|dc.contributor.advisor||Hearne, John W.||
|dc.description||Thesis (Ph.D.)-University of Natal, Pietermaritzburg, 1998.||en
|dc.description.abstract||Increased abstraction of water in the catchment results in a reduced or altered pattern of river flow
and this holds serious consequences for the downstream estuarine ecosystem. In South Africa this
is a serious concern because freshwater is in limited supply and the demand for freshwater can be
expected to increase in the future.
A large multi-disciplinary consortium of South African scientists are working on projects to
determine the freshwater requirements of estuarine ecosystems. As part of this, this thesis reports
on research undertaken to develop mathematical models to determine the freshwater requirements
of estuarine macrophytes. Three key macrophytes are selected. The macrophytes are Zostera
capensis Setchell, Ruppia cirrhosa Grande, and Phragmites australis. They are common
macrophytes in South African estuaries. Zostera and Ruppia are submerged macrophytes and
Phragmites is an emergent macrophyte. They have different freshwater environments and
therefore respond differently to alterations in freshwater flow.
A first order differential equation model is used to determine the effect of different combinations
of open and closed mouth conditions of the estuary on Zostera and Ruppia. The scenarios are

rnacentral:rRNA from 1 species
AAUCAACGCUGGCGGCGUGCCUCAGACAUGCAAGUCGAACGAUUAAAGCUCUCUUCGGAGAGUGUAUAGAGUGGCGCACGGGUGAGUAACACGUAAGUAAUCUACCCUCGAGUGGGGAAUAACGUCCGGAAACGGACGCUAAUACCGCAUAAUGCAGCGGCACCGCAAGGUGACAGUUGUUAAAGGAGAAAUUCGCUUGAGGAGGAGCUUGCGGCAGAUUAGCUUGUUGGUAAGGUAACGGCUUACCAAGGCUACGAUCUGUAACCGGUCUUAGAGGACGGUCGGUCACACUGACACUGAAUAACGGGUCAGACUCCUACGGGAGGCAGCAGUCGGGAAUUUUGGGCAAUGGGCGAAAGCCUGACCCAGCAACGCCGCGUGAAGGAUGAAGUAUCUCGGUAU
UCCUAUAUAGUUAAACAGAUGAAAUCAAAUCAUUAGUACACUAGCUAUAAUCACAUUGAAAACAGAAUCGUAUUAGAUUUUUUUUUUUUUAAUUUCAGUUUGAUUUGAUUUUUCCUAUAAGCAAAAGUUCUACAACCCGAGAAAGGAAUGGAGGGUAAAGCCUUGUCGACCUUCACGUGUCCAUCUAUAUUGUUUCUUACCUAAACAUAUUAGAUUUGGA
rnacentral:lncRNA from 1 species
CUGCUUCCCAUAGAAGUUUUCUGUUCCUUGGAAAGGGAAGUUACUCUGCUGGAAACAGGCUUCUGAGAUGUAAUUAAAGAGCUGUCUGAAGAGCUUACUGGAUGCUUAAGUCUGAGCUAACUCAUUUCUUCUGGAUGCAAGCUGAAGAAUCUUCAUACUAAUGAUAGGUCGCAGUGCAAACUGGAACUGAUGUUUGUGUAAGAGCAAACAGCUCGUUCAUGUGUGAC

selected to determine whether achieving a switch in states from a Zostera-dominated estuary to
a Ruppia-dominated estuary is possible.
To predict encroachment rates and colonisation patterns, a cellular automaton of the vegetative
spread of existing Zostera beds is developed. After analysing various scenarios accounting for
both an increase and a decrease in freshwater supply, the cellular automaton is extended to include
interactions between Ruppia and Phragmites. The multi-species model is applied to the Kromme
estuary, South Africa and the Great Brak estuary, South Africa. Various freshwater scenarios are
examined from the natural runoff condition to the situation of no freshwater inflow.
A sensitivity analysis of the spatial model with Zostera, Ruppia and Phragmites is conducted.||en
|dc.subject||Freshwater ecology--South Africa.||en
|dc.subject||Freshwater ecology--Mathematical models.||en
|dc.subject||Estuarine ecology--Mathematical models.||en
|dc.subject||Estuarine ecology--South Africa.||en
|dc.subject||Estuarine area conservation--South Africa.||en
|dc.subject||Estuarine plants--South Africa.||en
|dc.title||A modelling approach for determining the freshwater requirements of estuarine macrophytes.||en